Berceau's wrestling camp focuses on fun and training

Berceau's wrestling camp focuses on fun and training


Berceau's wrestling camp focuses on fun and training


Bob Berceau remembers the wrestling camps he attended as a kid.

The skills and moves the Luxemburg-Casco coach and alum learned during those sessions ultimately helped him win three WIAA state titles and become the University of Wisconsin-Stevens Point’s first NCAA Division III national champion.

But when Berceau decided to start his own camp, he didn’t want to use the same structure as the ones he had attended.

“I wanted to have something where kids could come to the camp and have something to do in between,” said Berceau, whose camp is in its seventh year.

“When I looked at camps when I was a kid, you’d go to these colleges and sit in a dorm between sessions. There wasn’t a whole lot to do in between, and for me it wasn’t that fun of a camp.”

Berceau’s three-day wrestling camp started Wednesday and has 95 participants from around the area, ranging from second grade to incoming high school seniors.

The wrestling portion takes place at the Luxemburg-Casco middle school gym, where a contingent of college coaches and wrestlers give instructions during a pair of three-hour sessions each day.

When those periods are up, the wrestlers bike three miles to Berceau’s home in Casco, where his 40-acre property is littered with tents. The wrestlers get to fish, swim, play basketball, dodge ball and a variety of other outdoor games before enjoying a camp fire at night.

“You don’t feel like you’re trapped here,” said Wisconsin redshirt freshman Jesse Thielke, who was a four-time WIAA state champion and is one of the instructors at Berceau’s camp. “You feel like you’re hanging out at home or on a vacation.”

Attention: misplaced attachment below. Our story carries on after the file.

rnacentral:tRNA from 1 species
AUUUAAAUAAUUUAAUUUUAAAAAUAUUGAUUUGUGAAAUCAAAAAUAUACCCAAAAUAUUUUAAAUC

The Germantown native won the 132-pound Greco-Roman title during last month’s U.S. World Team Trials in Stillwater, Okla., after placing fourth at the 2012 Olympic Trials.

Thielke’s idea of unwinding from that accomplishment was helping out at the Berceau camp for the first time.

“That was always my summer growing up, a lot of people would go on vacations, I would go to wrestling camps,” said Thielke, who became friends with Berceau’s son, Mitch, at wrestling camps.

“I saw all my friends there, trained hard all summer and got stronger. It’s a good way to spend your summer.”

Berceau, who will be entering his 15th season as L-C’s coach and has led the program to seven Division 2 team state titles, uses the camp as a learning experience for himself, picking up new techniques from college coaches like Lakeland’s Mike DeRoehn and Concordia’s Corey VanGroll.

He also wanted to offer a cheaper alternative than a college camp.

“I want to get that average kid to do something during the summer instead of not doing something for nine months and coming back into the season,” Berceau said.

This year’s camp will end with scrimmages between wrestlers from the L-C, Bay Port, Oconto Falls, Two Rivers and Port Washington high school teams.

The familiarity between area wrestlers also separates Berceau’s camp from others.

“I’ve went to camps where you worked out for 2½ hours, you ate lunch for a half-hour, then you went back at it, and I didn’t know any one. It’s tougher then,” said Newton Smerchek, who will be an incoming freshman at Central Michigan after winning back-to-back D2 team and individuals titles at L-C.

Smerchek spent Wednesday at the camp before leaving to compete for Team Wisconsin at the Junior/Cadet Nationals in Fargo, N.D., this weekend.

After seeing the young talent in the gym, Smerchek said he feels the legacy he is leaving behind with the L-C program will continue to grow under Berceau.

As for the future of the camp, Berceau said that is out of hands. “I guess I’d have to talk to my wife about that to see how long it will go for.”


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Berceau's wrestling camp focuses on fun and training

Bob Berceau remembers the wrestling camps he attended as a kid.

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